Greta said…
I’m days from giving birth to my first baby, and the plan is to do a natural hospital birth. I’m nervous but really excited!!! What is your best piece of advice for managing the pain naturally while in a hospital? I need all the help I can get. 🙂

l could not resist, being such a birth junkie so I wrote Greta a crazy lengthy email since she said she was days away… I have not heard back from her, I hope all went well.  Briefly, my best advice for managing pain is relaxing.  Stay as limp and relaxed during a contraction as you possibly can, letting it “do it’s thang”.  I myself slowly exhale and go as relaxed as I can -like what it takes to float on your back in a pool, which is by the way is my OPPOSITE natural reaction to pain but it’s how I practice weeks before the birth.  You also have to practice with pain too – I do the whole “ice cube” trick.  (Found in the slightly creepy/weird but very helpful Birthing from Within.)  Does everyone know what the ice cube trick is???  I think it’s they best way to test how you do when there is pain around that you want to escape.  Some think it’s stupid, I think it’s a good idea.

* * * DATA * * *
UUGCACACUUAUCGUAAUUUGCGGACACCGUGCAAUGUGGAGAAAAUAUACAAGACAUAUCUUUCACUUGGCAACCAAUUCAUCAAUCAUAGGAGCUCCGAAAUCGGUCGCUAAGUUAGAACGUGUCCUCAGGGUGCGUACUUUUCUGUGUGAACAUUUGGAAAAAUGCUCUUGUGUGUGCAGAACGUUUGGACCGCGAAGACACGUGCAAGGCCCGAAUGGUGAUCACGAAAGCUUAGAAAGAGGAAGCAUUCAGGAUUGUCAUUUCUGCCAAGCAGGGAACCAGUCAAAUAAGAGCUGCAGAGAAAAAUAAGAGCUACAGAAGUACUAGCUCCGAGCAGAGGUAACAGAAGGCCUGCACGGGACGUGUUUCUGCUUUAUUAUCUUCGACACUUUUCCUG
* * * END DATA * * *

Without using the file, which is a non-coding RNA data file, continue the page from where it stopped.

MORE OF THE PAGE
Oh, I like I tell everyone on their way to the hospital – STAY OFF YOUR BACK.


A-la-Parisienne wrote…
If we ever have another child, I told my husband and my mother that I would like to have the baby at home-not in the hospital. The main reason is that my husband is self-employed and our insurance does not cover maternity at all! Unfortunately, in the USA, it costs thousands dollars to have a baby in a hospital. I have two questions: about how much money did your pregnancy and delivery of Juliette cost? Sounds rude to ask, but I would like to compare the costs. Did you take Juliette to a pediatrician to have her hearing and other diagnostics checked after she was born? Also, my mother asked me about complications during delivery. If some dire emergency happened mid-delivery, what would happen?